Dot Matrix said,

If anything, it will only be open to Windows 8 and Windows 9 users. Windows 7 enters extended support next year, and much like Windows XP and Dx10, might not even be compatible with the sub system.

Meanwhile OpenGL achieves the exact same feature-set in a platform agnostic fashion.

Athernar said,

Meanwhile OpenGL achieves the exact same feature-set in a platform agnostic fashion.


If you still use an old Windows OS, you probably do not have gaming hardware. Either that or you are insane.

_Alexander said,

If you still use an old Windows OS, you probably do not have gaming hardware. Either that or you are insane.

If you use an new Windows OS, you probably do not have a desktop PC. Either that or you are insane.

Dot Matrix said,

If anything, it will only be open to Windows 8 and Windows 9 users. Windows 7 enters extended support next year, and much like Windows XP and Dx10, might not even be compatible with the sub system.

Yeah I am sure with the burning 7.8% marketshare that companies would love to target that and ignore everyone on 7 and Vista still

sinetheo said,

Yeah I am sure with the burning 7.8% marketshare that companies would love to target that and ignore everyone on 7 and Vista still

They ignored XP's market share with DX10. That worked to get gamers to upgrade. Just check Steam's stats if you don't believe me.

Dot Matrix said,
They ignored XP's market share with DX10.

XP didn't support the WDDM driver model either, pretty significant change.

Dot Matrix said,

They ignored XP's market share with DX10. That worked to get gamers to upgrade. Just check Steam's stats if you don't believe me.

And game/engine developers ignored DirectX 10. Restricting the API to Vista hurt progress, not the other way around.

Funny you should mention Steam too, their latest data from SDD indicates XP still has a huge install base in China - despite the use of modern hardware. DirectX is like Android, a fragmented mess.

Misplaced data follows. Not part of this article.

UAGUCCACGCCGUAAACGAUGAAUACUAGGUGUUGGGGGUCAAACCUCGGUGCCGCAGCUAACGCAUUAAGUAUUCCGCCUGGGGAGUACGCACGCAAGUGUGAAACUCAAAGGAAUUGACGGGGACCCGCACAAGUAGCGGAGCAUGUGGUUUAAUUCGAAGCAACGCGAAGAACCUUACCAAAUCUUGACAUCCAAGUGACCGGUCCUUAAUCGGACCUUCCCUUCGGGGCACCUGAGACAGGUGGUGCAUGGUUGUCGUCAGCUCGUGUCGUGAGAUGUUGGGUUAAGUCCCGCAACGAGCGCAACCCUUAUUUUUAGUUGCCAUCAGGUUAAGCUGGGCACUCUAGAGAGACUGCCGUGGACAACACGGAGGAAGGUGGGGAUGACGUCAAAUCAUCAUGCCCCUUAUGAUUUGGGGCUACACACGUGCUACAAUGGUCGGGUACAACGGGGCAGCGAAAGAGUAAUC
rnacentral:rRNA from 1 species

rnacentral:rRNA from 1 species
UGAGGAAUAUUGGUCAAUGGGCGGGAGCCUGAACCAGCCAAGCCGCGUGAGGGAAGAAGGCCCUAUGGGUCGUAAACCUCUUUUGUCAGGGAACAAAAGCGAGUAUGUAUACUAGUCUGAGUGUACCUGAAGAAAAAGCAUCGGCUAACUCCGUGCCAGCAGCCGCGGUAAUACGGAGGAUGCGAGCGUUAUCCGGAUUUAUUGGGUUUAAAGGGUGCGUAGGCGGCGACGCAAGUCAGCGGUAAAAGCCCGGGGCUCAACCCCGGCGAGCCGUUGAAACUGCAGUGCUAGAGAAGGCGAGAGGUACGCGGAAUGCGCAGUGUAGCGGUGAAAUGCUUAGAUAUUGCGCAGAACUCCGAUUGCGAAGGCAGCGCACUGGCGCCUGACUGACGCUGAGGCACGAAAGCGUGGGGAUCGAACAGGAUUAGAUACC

Athernar said,
And game/engine developers ignored DirectX 10. Restricting the API to Vista hurt progress, not the other way around.

Not really, there's a fair number of games that support DirectX 10.

Max Norris said,

Not really, there's a fair number of games that support DirectX 10.

And a fair number more that only use DirectX 9.

Max Norris said,

I didn't say otherwise But certainly DX10 wasn't ignored either.

Semantics, the majority of developers ignored DirectX 10 because it's not good business to invest significant developer time (thus money) in supporting APIs with fringe market share.

Windows 7 fixed that problem by starting the exodus away from XP, but also brought DirectX 11 along with it, being the final nail in 10's coffin.

Athernar said,
Semantics, the majority of developers ignored DirectX 10 because it's not good business to invest significant developer time (thus money) in supporting APIs with fringe market share

At the time XP still was the majority, plus the consoles were at the same level, so of course they're going to be a majority using 9.. but don't say semantics when it's something you said. A decent number of games by major publishers supported 10 either at retail or through a later update, some of which very well.

Max Norris said,

At the time XP still was the majority, plus the consoles were at the same level, so of course they're going to be a majority using 9.. but don't say semantics when it's something you said. A decent number of games by major publishers supported 10 either at retail or through a later update, some of which very well.

Did you miss the lower part of my comment? I say semantics because while certainly it wasn't literally ignored, the support the API got was minimal at best.

I owned a 8800 GTS around the time, and certainly would have appreciated more titles that used it. But they simply didn't materialise.

As a former gamer I can tell you everyone and their brother only focused in DirectX9 until just last year. The programmers may want to try DirectX11, but the MBA suits who look at pretty graphs with marketshare sure didn't want to go through and leave these poor XP potential customers behind.

Welcome to what it is like to own a mac or work at Apple :-)

Not even worried about it, developers are going to target the largest common denominator anyways version wise, plus throw on OpenGL and Mantle, it's all good. Besides, you never know, didn't Vista ship with 10 and got 11 later?